Perhaps the most depressing aspect of England's humiliation was their failure to "fire a shot", as Johnson put it. Indeed, the manager went further. "When you're in a fight," the old Leicester hardhead muttered with a sorry shake of the head, "you want to land a few, don't you? We feel as though we didn't land any." He will take that very deeply indeed. England have suffered their share of "horrible first halves" – Johnson's description – in recent months: against the Wallabies in Perth last summer; against the All Blacks at Twickenham in November. Yet on those occasions, they hung in there and made a game of it. Here, they hung themselves out to dry by making daft mistakes early on and remained hanging for the duration.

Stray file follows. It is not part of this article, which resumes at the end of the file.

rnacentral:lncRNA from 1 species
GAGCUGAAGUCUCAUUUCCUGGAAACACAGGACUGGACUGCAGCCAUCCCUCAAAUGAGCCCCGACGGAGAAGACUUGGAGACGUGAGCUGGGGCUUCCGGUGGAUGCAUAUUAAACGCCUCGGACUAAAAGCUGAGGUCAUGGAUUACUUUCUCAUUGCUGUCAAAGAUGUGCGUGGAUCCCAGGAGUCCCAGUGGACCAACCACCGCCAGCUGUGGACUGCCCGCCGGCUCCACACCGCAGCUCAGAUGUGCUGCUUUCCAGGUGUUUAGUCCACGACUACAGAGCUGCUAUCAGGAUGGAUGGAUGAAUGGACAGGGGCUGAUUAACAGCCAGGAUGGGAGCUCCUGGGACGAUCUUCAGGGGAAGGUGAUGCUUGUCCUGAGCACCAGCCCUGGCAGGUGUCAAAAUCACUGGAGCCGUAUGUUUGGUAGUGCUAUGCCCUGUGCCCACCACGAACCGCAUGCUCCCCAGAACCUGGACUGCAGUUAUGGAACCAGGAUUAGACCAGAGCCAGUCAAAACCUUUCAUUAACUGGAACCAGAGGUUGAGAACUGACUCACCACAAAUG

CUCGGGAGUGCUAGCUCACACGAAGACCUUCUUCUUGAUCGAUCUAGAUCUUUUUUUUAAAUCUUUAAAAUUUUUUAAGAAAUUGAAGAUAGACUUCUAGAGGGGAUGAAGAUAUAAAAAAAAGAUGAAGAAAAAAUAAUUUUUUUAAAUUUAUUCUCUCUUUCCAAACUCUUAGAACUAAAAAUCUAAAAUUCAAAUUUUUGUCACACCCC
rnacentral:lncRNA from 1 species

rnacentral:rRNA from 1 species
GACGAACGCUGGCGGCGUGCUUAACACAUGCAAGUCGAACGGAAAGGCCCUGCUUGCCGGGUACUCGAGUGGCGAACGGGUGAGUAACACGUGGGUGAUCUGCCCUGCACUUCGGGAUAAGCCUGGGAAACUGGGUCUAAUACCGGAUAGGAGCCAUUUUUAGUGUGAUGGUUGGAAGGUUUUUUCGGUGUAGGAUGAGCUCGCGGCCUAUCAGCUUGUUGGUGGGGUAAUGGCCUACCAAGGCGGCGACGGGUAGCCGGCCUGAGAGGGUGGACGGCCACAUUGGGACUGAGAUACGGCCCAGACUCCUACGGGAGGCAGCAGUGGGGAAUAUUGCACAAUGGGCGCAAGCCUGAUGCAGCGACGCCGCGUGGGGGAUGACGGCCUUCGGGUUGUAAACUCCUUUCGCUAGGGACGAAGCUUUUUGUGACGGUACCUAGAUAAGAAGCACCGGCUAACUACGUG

"I can't explain it," said Mark Cueto, the most experienced of the England backs who started the contest. "We've been good at finding ways of getting back into games we haven't started well, but this time we really struggled. We didn't panic, exactly – we weren't stood out there thinking 'the wheels have come off and there's nothing we can do'. Even when we were 17-3 down, there was some belief. But Ireland made life so difficult for us at the rucks, we couldn't get our hands on the ball. We just didn't get into it, sadly."

It was not as though Johnson and his coaches failed to foresee those problems at the tackle area. In the tight game with the Scots last time out, the England forwards were subjected to all manner of trouble and strife by John Barclay, the nose-to-the-ground back-row bandit from Glasgow. Here, they faced the opposite problem: when they tried to go to ground on their own terms, Donncha O'Callaghan refused to let them. Aided and abetted by the loose-head prop Cian Healy and the hooker Rory Best, the Munster lock mauled so strongly that the English ball-carriers spent much of the game engaged in an arm-wrestle they had no idea how to win.